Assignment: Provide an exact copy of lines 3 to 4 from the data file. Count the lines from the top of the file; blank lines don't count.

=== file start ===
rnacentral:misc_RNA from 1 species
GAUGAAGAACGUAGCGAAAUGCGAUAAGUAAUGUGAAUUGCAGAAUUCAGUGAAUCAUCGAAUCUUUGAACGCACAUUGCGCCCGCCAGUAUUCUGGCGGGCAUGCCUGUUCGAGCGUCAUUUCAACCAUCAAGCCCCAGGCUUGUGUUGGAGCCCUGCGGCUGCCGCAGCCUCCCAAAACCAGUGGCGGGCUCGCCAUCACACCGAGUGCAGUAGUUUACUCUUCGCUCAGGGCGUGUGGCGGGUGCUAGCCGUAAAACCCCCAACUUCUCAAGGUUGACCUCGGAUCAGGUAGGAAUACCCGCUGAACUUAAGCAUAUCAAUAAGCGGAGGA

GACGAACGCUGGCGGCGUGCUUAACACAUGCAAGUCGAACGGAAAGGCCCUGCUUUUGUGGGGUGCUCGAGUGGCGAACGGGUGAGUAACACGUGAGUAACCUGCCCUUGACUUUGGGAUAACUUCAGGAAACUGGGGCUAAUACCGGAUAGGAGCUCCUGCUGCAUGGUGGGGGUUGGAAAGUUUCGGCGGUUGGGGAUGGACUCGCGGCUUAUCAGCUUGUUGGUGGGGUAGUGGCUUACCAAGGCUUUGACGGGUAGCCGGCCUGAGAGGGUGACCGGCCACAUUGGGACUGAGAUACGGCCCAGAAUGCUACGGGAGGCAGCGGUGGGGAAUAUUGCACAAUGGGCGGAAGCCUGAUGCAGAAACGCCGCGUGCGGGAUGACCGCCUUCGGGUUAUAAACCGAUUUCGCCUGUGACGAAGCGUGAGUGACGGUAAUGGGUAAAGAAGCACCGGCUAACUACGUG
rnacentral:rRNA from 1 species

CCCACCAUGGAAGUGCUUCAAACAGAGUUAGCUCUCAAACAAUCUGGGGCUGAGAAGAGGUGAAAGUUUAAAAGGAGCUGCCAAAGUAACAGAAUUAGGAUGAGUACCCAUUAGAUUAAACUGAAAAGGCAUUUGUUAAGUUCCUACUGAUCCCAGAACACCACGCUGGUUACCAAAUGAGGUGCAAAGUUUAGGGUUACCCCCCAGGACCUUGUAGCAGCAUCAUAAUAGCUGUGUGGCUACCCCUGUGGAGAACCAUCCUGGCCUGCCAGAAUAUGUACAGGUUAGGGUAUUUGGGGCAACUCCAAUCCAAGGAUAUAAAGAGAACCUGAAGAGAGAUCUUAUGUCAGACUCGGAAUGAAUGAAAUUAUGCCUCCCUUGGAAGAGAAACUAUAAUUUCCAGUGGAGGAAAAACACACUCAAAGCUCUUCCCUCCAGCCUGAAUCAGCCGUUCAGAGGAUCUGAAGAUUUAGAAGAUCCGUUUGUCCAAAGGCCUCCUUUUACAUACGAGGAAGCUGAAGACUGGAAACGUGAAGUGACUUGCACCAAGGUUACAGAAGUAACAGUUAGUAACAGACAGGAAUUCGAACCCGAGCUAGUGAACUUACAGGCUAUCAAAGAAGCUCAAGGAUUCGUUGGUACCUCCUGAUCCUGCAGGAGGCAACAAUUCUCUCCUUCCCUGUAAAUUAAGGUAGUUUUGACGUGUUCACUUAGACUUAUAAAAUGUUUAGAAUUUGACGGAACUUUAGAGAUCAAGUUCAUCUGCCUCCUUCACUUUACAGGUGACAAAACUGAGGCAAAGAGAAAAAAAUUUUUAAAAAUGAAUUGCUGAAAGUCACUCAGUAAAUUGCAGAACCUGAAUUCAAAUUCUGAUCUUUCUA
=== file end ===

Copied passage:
GACGAACGCUGGCGGCGUGCUUAACACAUGCAAGUCGAACGGAAAGGCCCUGCUUUUGUGGGGUGCUCGAGUGGCGAACGGGUGAGUAACACGUGAGUAACCUGCCCUUGACUUUGGGAUAACUUCAGGAAACUGGGGCUAAUACCGGAUAGGAGCUCCUGCUGCAUGGUGGGGGUUGGAAAGUUUCGGCGGUUGGGGAUGGACUCGCGGCUUAUCAGCUUGUUGGUGGGGUAGUGGCUUACCAAGGCUUUGACGGGUAGCCGGCCUGAGAGGGUGACCGGCCACAUUGGGACUGAGAUACGGCCCAGAAUGCUACGGGAGGCAGCGGUGGGGAAUAUUGCACAAUGGGCGGAAGCCUGAUGCAGAAACGCCGCGUGCGGGAUGACCGCCUUCGGGUUAUAAACCGAUUUCGCCUGUGACGAAGCGUGAGUGACGGUAAUGGGUAAAGAAGCACCGGCUAACUACGUG
rnacentral:rRNA from 1 species